Read: 7 March, 2013
In Shelters of Stone, Ayla and Jondalar have reached the land of the Zelandonii and Ayla must find her place among her new people.
As in books #2-4, Ayla is pretty much the most awesomest person ever. I lost count early on of how many times the reader is reminded that Ayla is totally gorgeous, and how many times other characters reflect on how amazing and wonderful and perfect she is.
The trouble is that the narrator makes these claims about things that we can verify for ourselves, and the things that the narrator says and the things that the narrator describes don’t always match up. For example, we’re reminded several times about Ayla’s fantastic memory, yet we’re shown her forgetting several things – things that I, with my pathetic ordinary memory, had been able to remember. For example, she forgets what she’s been told about the Zelandoni of the 14th cave’s prior issues with Zolena and has to be given the information a second time.
Another example would be when Zolena decides to start talking to Ayla about becoming Zelandoni while Ayla is trying to care for someone she cares very much about who has been gravely injured (no spoilers!), despite knowing that the idea of becoming Zelandoni is very distressing to Ayla. So even though we’re told that Zolena has a way with people, she seems to pick the absolute worst times to approach sensitive subjects.
And there’s a reason for the repetition. Ayla, as the foreigner, is the reader’s surrogate into the Zelandonii people. She conveniently forgets details for the reader’s benefit, not because it’s what her character would actually do. And this reflects Auel’s general lack of trust in her readers. Given the length of time between publication dates, I can understand Auel feeling that she needs to repeat details from previous novels – she can’t expect everyone to have read them in a fairly short period of time, as I have. But she repeats details from earlier in the same novel, as well. She seems to assume that her readers are incapable of remembering even important details. I don’t know if she was getting paid by the word or just genuinely thinks that her readers are idiots, but it made me feel rather insulted – and bored.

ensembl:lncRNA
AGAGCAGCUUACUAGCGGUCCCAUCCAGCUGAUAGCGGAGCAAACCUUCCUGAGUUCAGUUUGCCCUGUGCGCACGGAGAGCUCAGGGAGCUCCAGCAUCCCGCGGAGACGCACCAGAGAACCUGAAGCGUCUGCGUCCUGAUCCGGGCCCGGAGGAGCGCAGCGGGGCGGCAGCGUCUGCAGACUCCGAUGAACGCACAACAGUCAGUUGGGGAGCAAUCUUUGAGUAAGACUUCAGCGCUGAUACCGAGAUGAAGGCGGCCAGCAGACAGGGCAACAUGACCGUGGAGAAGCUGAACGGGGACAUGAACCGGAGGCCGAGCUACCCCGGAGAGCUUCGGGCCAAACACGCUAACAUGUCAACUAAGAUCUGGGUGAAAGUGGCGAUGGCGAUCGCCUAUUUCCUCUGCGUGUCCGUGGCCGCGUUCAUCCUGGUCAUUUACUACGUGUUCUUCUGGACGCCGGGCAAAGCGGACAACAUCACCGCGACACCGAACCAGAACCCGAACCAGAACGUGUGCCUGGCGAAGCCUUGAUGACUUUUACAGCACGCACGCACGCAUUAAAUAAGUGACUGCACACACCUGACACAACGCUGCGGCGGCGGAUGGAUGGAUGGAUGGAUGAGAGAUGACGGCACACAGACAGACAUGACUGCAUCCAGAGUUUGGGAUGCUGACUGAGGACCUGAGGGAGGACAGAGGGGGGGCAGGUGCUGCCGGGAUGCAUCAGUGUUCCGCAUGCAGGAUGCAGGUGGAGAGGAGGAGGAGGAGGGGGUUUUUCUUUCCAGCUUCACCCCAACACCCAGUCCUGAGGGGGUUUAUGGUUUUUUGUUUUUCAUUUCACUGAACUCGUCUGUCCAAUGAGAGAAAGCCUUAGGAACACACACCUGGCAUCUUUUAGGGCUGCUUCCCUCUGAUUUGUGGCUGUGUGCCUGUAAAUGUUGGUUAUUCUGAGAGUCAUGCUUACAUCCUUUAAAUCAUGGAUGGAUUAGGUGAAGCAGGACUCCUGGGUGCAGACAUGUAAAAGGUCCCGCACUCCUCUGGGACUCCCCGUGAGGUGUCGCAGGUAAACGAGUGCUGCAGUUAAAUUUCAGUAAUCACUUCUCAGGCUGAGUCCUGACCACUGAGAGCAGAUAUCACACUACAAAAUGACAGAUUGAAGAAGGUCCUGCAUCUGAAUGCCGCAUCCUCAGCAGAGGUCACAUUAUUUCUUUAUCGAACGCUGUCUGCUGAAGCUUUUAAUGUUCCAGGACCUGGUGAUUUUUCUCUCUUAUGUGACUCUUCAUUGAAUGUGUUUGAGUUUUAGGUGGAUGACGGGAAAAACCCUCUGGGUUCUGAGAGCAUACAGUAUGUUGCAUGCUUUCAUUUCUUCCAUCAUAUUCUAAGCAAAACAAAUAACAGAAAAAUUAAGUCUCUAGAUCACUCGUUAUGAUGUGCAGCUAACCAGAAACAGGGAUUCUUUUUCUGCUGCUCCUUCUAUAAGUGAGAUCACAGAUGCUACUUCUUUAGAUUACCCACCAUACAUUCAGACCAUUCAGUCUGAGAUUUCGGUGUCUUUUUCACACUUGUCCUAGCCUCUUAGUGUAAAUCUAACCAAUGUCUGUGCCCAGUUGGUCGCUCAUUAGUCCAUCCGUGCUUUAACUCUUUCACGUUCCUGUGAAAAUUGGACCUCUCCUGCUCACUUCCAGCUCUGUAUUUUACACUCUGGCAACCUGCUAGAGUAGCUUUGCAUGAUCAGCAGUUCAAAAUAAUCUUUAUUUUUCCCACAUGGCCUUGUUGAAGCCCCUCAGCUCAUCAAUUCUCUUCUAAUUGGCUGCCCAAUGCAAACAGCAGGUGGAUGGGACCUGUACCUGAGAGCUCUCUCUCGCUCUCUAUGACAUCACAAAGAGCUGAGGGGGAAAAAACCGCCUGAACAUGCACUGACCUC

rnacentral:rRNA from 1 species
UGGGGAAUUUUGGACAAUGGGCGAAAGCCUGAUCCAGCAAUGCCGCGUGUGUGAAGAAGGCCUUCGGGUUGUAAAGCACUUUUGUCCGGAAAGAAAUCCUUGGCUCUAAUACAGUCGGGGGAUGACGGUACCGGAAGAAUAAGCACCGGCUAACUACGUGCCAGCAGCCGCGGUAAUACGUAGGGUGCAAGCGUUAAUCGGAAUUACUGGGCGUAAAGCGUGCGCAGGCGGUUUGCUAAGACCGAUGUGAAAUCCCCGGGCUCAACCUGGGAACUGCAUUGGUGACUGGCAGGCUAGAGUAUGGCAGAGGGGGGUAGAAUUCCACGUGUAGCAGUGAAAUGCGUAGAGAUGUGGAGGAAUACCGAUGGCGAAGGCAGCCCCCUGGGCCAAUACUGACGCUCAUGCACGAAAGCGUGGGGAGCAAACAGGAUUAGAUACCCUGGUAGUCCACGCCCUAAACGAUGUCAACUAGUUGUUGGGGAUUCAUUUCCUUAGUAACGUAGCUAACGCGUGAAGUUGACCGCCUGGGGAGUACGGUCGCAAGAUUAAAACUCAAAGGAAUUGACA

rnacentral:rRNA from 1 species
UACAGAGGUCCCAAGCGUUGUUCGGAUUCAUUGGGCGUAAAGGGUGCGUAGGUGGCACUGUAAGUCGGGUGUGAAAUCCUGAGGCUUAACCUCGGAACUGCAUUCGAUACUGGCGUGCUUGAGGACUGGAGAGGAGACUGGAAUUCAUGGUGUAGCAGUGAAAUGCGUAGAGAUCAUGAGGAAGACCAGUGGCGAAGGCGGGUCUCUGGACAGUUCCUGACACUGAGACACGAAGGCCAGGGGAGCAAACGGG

There’s less sex in this book than there was in Plains of Passage. In fact, there wasn’t a sex scene at all until all the way into chapter 5! This works with the plot, of course, because Ayla and Jondalar are now around people most of the time and can’t just drop trou and boink whenever they feel like it.
There is, however, plenty of lists about plants and animals that read more like encyclopaedia entries than parts of a narrative story. But it works. It’s what’s I expect from an Auel novel and I do enjoy the information she provides.
I find that Jondalar, in his exuberant monogamy (which is out of place in his cultural context) , makes me rather nervous. And Ayla’s focus on her theory about how pregnancy happens kinda feels like the big reveal in the next book is going to be “Ayla invents patriarchy.” I mean, yes, she’s biologically correct. But she seems to really be stuck thinking about her theory, and in this book, a social conclusion is introduced. Jondalar is having this existential crisis because women are the ones who have babies, so he feels useless, and the procreation theory is starting to take on a “don’t worry, we need men, too!” spin. I’ll just have to wait and see what Auel does with it, but it makes me nervous.
Anyways, I’m inching my way towards the finish line and just have one more book left in the series to read!
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Other books in the Earth’s Children series: